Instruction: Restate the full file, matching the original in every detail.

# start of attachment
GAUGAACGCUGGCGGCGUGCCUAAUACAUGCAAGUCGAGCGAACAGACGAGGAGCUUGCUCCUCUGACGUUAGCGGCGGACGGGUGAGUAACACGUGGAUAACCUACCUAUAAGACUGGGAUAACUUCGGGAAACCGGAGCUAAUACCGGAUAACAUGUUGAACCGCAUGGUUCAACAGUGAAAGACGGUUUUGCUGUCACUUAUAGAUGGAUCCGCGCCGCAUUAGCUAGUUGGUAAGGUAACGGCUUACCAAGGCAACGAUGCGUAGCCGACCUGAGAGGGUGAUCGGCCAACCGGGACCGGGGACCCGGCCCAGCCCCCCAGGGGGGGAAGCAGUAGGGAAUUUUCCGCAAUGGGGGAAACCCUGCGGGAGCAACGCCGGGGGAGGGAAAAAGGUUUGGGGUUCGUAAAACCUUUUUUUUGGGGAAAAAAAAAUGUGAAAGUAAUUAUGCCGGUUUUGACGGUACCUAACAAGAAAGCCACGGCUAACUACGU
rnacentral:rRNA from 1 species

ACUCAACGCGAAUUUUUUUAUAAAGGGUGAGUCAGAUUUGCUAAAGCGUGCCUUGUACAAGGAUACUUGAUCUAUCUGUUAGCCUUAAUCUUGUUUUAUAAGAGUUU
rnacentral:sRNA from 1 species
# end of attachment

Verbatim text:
GAUGAACGCUGGCGGCGUGCCUAAUACAUGCAAGUCGAGCGAACAGACGAGGAGCUUGCUCCUCUGACGUUAGCGGCGGACGGGUGAGUAACACGUGGAUAACCUACCUAUAAGACUGGGAUAACUUCGGGAAACCGGAGCUAAUACCGGAUAACAUGUUGAACCGCAUGGUUCAACAGUGAAAGACGGUUUUGCUGUCACUUAUAGAUGGAUCCGCGCCGCAUUAGCUAGUUGGUAAGGUAACGGCUUACCAAGGCAACGAUGCGUAGCCGACCUGAGAGGGUGAUCGGCCAACCGGGACCGGGGACCCGGCCCAGCCCCCCAGGGGGGGAAGCAGUAGGGAAUUUUCCGCAAUGGGGGAAACCCUGCGGGAGCAACGCCGGGGGAGGGAAAAAGGUUUGGGGUUCGUAAAACCUUUUUUUUGGGGAAAAAAAAAUGUGAAAGUAAUUAUGCCGGUUUUGACGGUACCUAACAAGAAAGCCACGGCUAACUACGU
rnacentral:rRNA from 1 species

ACUCAACGCGAAUUUUUUUAUAAAGGGUGAGUCAGAUUUGCUAAAGCGUGCCUUGUACAAGGAUACUUGAUCUAUCUGUUAGCCUUAAUCUUGUUUUAUAAGAGUUU
rnacentral:sRNA from 1 species